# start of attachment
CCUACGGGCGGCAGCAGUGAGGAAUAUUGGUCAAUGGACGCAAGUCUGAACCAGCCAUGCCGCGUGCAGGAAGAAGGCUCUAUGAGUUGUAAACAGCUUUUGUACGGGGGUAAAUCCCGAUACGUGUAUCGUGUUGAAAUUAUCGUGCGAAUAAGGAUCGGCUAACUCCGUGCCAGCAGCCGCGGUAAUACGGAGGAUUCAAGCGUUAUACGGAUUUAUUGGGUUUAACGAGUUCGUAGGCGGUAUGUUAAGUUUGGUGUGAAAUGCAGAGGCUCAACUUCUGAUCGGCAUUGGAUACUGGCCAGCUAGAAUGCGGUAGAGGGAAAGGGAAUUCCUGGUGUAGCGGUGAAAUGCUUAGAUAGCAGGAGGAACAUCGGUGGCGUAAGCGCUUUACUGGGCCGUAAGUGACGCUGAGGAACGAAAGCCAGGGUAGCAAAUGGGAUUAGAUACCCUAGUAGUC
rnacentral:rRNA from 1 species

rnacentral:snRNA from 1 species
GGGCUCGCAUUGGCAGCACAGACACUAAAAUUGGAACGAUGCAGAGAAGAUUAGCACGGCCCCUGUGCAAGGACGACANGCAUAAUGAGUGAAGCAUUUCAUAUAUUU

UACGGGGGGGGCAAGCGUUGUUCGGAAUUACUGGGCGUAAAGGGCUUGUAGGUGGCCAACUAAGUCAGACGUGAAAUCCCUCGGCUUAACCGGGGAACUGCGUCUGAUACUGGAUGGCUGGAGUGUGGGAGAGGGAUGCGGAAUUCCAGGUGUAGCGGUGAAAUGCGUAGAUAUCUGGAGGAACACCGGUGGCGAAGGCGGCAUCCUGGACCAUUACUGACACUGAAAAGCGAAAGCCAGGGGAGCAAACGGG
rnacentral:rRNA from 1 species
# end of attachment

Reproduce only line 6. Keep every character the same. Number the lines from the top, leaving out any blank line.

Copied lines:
rnacentral:rRNA from 1 species